Love is a Battlefield

Once upon a time we loved. We loved deeply and boldly and it cost us. So we stopped loving.

Isn’t that usually how the story goes? I think most of us would like to think we always love sacrificially, but the truth of the matter is that we are remarkably selfish people. When the going gets tough, we bail…

…not because we’re afraid of the pain or the wrestling, but because we’re afraid of how that painful wrestling will pockmark our hearts with battle scars.

What I’m suggesting today, is that those battle scars define us – if we let them – in good ways. In ways that say I am strong and I am quietly breathing my tale of lost hope into a tale of victory.

Hosea1

There’s one love story in particular that forever changed me. It’s nestled between some pretty ancient pages and it’s called Hosea.

Hosea was a man who chose to love sacrificially all the days of his life. These are the cliff-notes, a la Amy:

Hosea marries a prostitute, Gomer, but he wants a faithful wife. Clearly he picked the wrong woman. Or did he.

Gomer runs from Hosea time and time again. She entertains men from all over and she actually enjoys it. She has children with those men and Hosea takes care of them. He’s essentially a stay at home dad while Gomer sells herself to the highest bidders. And Hosea gets pretty angry. He yells at God, but God tells him that he must chase after Gomer, remind himself of her worth, and fight for her love. In doing so, he will prove to Gomer that she is more than an object.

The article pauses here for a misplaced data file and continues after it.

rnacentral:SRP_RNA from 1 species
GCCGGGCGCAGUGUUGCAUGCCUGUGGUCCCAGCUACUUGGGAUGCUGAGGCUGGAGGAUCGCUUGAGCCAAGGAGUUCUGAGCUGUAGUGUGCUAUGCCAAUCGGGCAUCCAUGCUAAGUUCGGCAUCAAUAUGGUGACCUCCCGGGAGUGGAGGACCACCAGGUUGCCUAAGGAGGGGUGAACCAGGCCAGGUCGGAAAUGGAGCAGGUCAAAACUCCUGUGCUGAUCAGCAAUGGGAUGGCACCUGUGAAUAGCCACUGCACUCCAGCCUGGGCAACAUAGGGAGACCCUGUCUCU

Eventually, after she’s abandoned her family numerous times, Hosea goes and buys Gomer from her pimp. That’s in the Bible. He pays money for the woman he already (for lack of a better word) owns. Hosea buys Gomer back because he cares for her that much. He wants her to be restored from years of suffering – wants her to embrace her inner beauty and the God he’s quietly been following. Gomer is stubborn but something about this God person intrigues her, and by the end of the story, she’s surrendered to him and fallen for Hosea. Why? Because true love conquers all.

It stings a bit, doesn’t it? Gomer is a picture of our brokenness and while we want to identify with Hosea, more often than not we’re aligned with Gomer.

I have this precious friend who’s also called Amy, and she’s a phenomenal photographer. This summer, we decided to utilize photography to tell this story. See, Hosea is really a metaphor for every Christian’s struggle to remain faithful to God. We run away over and over and over again but he is relentless in his pursuit of us. He won’t give up, just like Hosea refused to lose Gomer to the world. Sacrificial love exists and it exists because of men like Hosea. But more importantly it exists for us because of Jesus.

Never ending, Jesus-shaped love.

Have you felt it tugging on your heart? Because it has a way of chasing after you, so be ready.

“And I will betroth you to me forever. I will betroth you to me in righteousness and in justice, in steadfast love and in mercy.” -Hosea 2:19 (My favourite Bible verse)

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